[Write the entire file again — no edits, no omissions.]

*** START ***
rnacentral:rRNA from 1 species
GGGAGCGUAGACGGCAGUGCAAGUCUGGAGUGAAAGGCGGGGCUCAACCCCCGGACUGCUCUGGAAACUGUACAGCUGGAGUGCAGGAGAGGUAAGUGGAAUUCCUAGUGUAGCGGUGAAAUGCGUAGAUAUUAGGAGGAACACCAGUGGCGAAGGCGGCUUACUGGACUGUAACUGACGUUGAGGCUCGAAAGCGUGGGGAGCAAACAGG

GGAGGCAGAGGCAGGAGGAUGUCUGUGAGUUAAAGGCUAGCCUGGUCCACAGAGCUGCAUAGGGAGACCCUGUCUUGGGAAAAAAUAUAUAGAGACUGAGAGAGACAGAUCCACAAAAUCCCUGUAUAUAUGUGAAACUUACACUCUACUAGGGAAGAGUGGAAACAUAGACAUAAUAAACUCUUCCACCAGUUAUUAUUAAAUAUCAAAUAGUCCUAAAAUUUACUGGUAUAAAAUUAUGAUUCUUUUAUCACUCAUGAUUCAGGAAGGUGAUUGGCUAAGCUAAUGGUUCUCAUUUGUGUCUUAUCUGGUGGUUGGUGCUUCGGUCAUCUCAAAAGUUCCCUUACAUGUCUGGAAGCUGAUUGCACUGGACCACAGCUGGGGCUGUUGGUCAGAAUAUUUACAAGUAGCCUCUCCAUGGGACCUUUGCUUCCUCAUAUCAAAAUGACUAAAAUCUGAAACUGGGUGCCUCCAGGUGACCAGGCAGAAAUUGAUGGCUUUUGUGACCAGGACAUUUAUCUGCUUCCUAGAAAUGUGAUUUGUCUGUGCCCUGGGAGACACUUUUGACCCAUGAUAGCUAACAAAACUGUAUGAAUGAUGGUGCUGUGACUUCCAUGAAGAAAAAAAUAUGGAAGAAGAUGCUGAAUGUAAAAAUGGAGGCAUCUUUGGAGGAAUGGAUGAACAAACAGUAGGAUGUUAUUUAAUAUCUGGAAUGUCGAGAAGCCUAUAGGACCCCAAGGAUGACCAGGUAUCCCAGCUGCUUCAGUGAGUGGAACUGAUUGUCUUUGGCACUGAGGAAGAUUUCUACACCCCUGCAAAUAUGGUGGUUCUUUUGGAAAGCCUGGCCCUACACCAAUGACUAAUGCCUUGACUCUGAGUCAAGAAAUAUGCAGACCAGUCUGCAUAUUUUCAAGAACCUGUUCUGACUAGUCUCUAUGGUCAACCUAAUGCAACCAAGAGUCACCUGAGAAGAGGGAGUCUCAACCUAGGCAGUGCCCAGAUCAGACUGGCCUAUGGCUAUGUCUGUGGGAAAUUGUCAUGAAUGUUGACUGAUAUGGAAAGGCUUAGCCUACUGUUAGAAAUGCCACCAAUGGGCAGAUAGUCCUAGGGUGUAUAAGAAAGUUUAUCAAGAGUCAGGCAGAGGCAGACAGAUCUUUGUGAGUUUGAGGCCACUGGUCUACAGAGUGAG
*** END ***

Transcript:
rnacentral:rRNA from 1 species
GGGAGCGUAGACGGCAGUGCAAGUCUGGAGUGAAAGGCGGGGCUCAACCCCCGGACUGCUCUGGAAACUGUACAGCUGGAGUGCAGGAGAGGUAAGUGGAAUUCCUAGUGUAGCGGUGAAAUGCGUAGAUAUUAGGAGGAACACCAGUGGCGAAGGCGGCUUACUGGACUGUAACUGACGUUGAGGCUCGAAAGCGUGGGGAGCAAACAGG

GGAGGCAGAGGCAGGAGGAUGUCUGUGAGUUAAAGGCUAGCCUGGUCCACAGAGCUGCAUAGGGAGACCCUGUCUUGGGAAAAAAUAUAUAGAGACUGAGAGAGACAGAUCCACAAAAUCCCUGUAUAUAUGUGAAACUUACACUCUACUAGGGAAGAGUGGAAACAUAGACAUAAUAAACUCUUCCACCAGUUAUUAUUAAAUAUCAAAUAGUCCUAAAAUUUACUGGUAUAAAAUUAUGAUUCUUUUAUCACUCAUGAUUCAGGAAGGUGAUUGGCUAAGCUAAUGGUUCUCAUUUGUGUCUUAUCUGGUGGUUGGUGCUUCGGUCAUCUCAAAAGUUCCCUUACAUGUCUGGAAGCUGAUUGCACUGGACCACAGCUGGGGCUGUUGGUCAGAAUAUUUACAAGUAGCCUCUCCAUGGGACCUUUGCUUCCUCAUAUCAAAAUGACUAAAAUCUGAAACUGGGUGCCUCCAGGUGACCAGGCAGAAAUUGAUGGCUUUUGUGACCAGGACAUUUAUCUGCUUCCUAGAAAUGUGAUUUGUCUGUGCCCUGGGAGACACUUUUGACCCAUGAUAGCUAACAAAACUGUAUGAAUGAUGGUGCUGUGACUUCCAUGAAGAAAAAAAUAUGGAAGAAGAUGCUGAAUGUAAAAAUGGAGGCAUCUUUGGAGGAAUGGAUGAACAAACAGUAGGAUGUUAUUUAAUAUCUGGAAUGUCGAGAAGCCUAUAGGACCCCAAGGAUGACCAGGUAUCCCAGCUGCUUCAGUGAGUGGAACUGAUUGUCUUUGGCACUGAGGAAGAUUUCUACACCCCUGCAAAUAUGGUGGUUCUUUUGGAAAGCCUGGCCCUACACCAAUGACUAAUGCCUUGACUCUGAGUCAAGAAAUAUGCAGACCAGUCUGCAUAUUUUCAAGAACCUGUUCUGACUAGUCUCUAUGGUCAACCUAAUGCAACCAAGAGUCACCUGAGAAGAGGGAGUCUCAACCUAGGCAGUGCCCAGAUCAGACUGGCCUAUGGCUAUGUCUGUGGGAAAUUGUCAUGAAUGUUGACUGAUAUGGAAAGGCUUAGCCUACUGUUAGAAAUGCCACCAAUGGGCAGAUAGUCCUAGGGUGUAUAAGAAAGUUUAUCAAGAGUCAGGCAGAGGCAGACAGAUCUUUGUGAGUUUGAGGCCACUGGUCUACAGAGUGAG